Silver Galapagos. In late 2017, Silversea plans to refit Silver Cloud with a reinforced ice-class hull and transfer her to the Expedition fleet, in the process turning her into one of the most luxurious expedition vessels afloat.

Silver Spirit The Silver Spirit is the largest ship in the fleet and carries the most passengers. She’s also the most innovative and most filled with facilities.


At 36,000 tons, the ship is 27% bigger than Shadow and Whisper and twice the tonnage of Wind and Cloud. Silversea takes advantage of this space with new dining options, a range of amenities not found on its other ships, a greater percentage of verandas, a vastly expanded spa and casino, and new lounges. As for any worries about service levels being different, with 376 crewmembers, the ratio of guest to crew is 1.4 to 1, virtually identical to the rest of the fleet. The one difference guests feel is not crowding but the awareness of other passengers on board (on other Silversea Vessels there are moments when you feel you have the ship all to yourself. Not here).

Cabins Of the 270 outside suites, 258 have private verandas. All suites have butlers who provide a wide range of services, from packing and unpacking, to making spa and restaurant reservations and, of course, providing endless amounts of Drappier champagne. Smallest suites are the inside ones, Grand Suites and Owner Suites are so big they have their own libraries! And, of course, suites can be combined for big groups.

All suites, regardless of category, can be personalized via a series of scents created by renowned Italian perfumer Laura Tonatto. Other luxury touches abound, like the marble bathrooms, the fluffy duvets, and personalized stationery. One of their best design features is the way the TVs are placed behind the mirrors; when they are not on, they are hidden from view, a classy touch. There are even iPod docking stations. If there’s a weakness, it’s that there are not enough electrical outlets for all of today’s gadgets.

Public areas & activities Italian architect Giacomo Mortola has used the Spirit ‘s larger space to present a 1930s Art Deco-inspired series of public rooms with a touch of old-world, Victorian elegance thrown in. Many of the rooms would be right at home on the ocean liners of the past, or in the Chrysler Building, or the many classic hotels of Europe. One of the most popular rooms is the Bar (which serves Italian coffees, in keeping with the line’s heritage). The Bar, set next to the lobby, is a

Dividing line of sorts; the forward portion of each deck has suites, the aft portions have the restaurants, lounges, spa, casino, and the rest. The casino and boutiques are much expanded compared to earlier ships, providing ample opportunity for onboard spending.

And the spa is absolutely massive with an indoors/outdoor setting, a beauty salon, gym, whirlpool, sauna, and steam rooms (although not much in the way of luxe amenities). The changing rooms are coed, which some passengers may find uncomfortable. The pool area is also bigger than on other Silversea ships and has lots of wicker furniture with comfy cushions for lounging around.

Dining Dining is a highlight of any Silversea cruise, and, with the larger tonnage of Silver Spirit comes an expanded range of options. The four venues, found on all Silversea ships, include the Restaurant with the widest range of menu options, open all three meals; La Terrazza for indoor or alfresco dining with breakfast and lunch buffets (a much improved setup compared to earlier ships) and authentic Italian cuisine at night; Le Champagne for a six-course epicurean experience in an intimate atmosphere; and the Pool Grill (both lunch and dinner), with a wider than normal range of options including a hot-rock dinner for the evenings. Two new restaurants fill out the menu. The Seishin Restaurant has a range of Asian fusion menu items, from Kobe beef and spider lobster lots of sushi choices (per-person degustation menu cost is $40); and the Stars Supper Club where live music, dancing, and nightclub-style entertainment complement the innovative menus. There’s also 24-hour room service with menu choices taken from the Restaurant, and served course by course if so desired.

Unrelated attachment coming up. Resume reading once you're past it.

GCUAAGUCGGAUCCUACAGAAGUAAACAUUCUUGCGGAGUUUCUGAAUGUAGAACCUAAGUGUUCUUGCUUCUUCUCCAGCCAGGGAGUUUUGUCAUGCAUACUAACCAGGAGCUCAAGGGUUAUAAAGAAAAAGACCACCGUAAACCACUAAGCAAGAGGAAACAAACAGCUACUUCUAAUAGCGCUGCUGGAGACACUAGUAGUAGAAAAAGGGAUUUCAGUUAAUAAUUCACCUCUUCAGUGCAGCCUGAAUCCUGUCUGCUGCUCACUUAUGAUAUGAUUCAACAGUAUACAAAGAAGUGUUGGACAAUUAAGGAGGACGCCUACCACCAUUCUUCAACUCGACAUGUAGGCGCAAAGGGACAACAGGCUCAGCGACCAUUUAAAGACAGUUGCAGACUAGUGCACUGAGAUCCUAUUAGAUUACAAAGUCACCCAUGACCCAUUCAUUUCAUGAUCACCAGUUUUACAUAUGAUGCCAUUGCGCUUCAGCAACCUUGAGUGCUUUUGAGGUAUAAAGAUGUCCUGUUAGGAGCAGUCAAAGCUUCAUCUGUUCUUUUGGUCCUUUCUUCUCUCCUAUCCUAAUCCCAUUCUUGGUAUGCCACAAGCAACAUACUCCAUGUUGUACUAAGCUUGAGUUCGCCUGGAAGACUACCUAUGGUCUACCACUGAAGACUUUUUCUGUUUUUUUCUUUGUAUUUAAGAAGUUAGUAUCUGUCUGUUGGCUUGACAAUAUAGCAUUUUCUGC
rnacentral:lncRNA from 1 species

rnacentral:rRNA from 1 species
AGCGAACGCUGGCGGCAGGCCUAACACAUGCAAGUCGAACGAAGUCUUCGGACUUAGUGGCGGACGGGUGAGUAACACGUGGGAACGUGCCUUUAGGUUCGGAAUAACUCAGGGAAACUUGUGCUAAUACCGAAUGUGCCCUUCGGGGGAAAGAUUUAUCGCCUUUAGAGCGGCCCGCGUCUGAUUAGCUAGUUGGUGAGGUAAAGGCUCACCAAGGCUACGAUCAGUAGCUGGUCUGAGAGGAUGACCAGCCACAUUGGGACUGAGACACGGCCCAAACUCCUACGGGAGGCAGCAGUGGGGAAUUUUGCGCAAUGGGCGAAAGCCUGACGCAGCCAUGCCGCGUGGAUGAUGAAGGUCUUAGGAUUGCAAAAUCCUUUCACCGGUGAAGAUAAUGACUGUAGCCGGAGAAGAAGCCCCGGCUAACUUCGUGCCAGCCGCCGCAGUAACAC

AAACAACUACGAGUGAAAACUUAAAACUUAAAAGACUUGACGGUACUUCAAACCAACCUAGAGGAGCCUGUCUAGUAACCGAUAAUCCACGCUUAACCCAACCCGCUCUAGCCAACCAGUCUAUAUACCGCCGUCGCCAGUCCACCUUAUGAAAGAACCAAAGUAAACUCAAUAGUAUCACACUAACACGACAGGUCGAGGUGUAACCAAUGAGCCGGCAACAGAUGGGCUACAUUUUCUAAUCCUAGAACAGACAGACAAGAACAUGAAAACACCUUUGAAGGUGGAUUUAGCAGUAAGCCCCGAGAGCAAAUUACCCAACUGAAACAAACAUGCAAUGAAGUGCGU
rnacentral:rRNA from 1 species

Silver Shadow – Silver Whisper These handsome, well-run ships are perfect for those looking for a small-ship experience with superb dining and service.

Silver Shadow and Silver Whisper are small enough to be intimate, but large enough to offer a classy, two-story show lounge, a dark and romantic cigar lounge, three dining venues, an impressive spa and gym, and some really great suites, in addition to the fine service and cuisine provided fleetwide.

Cabins With a chilled bottle of Drappier bubbly at your side, just settle down in the comfy sitting area and bask in the ambient luxury. Private balconies are attached to three-quarters of the plush suites, which are done up in an ultrapleasant color scheme focused on rich blues and soft golds, along with coppery-brown wood tones. Each one has a walk-in closet, plush bedding, lighted dressing table with hair dryer, writing desk, and wonderful marble-covered bathrooms. The separate shower stall and

Long bathtub, along with double sinks, make these among the best loos at sea.

Public areas & activities The impressive two-story show lounge has tiered seating and lots of cozy clusters of chairs; while the Bar, just outside the show lounge’s first level, can be a social hub, with a long bar, dance floor, and plenty of seating. The Observation Lounge, high on Deck 10 overlooking the bow, is a swell place to watch the scenery unfold through floor-to-ceiling windows. You’ll find a radar screen, astronomical maps, binoculars, and reference books, and, during the day, a self-service coffee, tea, and juice bar. At the stern, the windowed Panorama Lounge also affords nifty sea views, continental breakfast and high tea here, while by night it becomes an intimate nightspot, with a pianist serenading dancers. The Connoisseurs Corner is a dark, and plush spot for cocktails with a walk-in humidor for cigar aficionados. There’s also a small casino, a card room with felt-topped tables, a boutique, and a pool bar.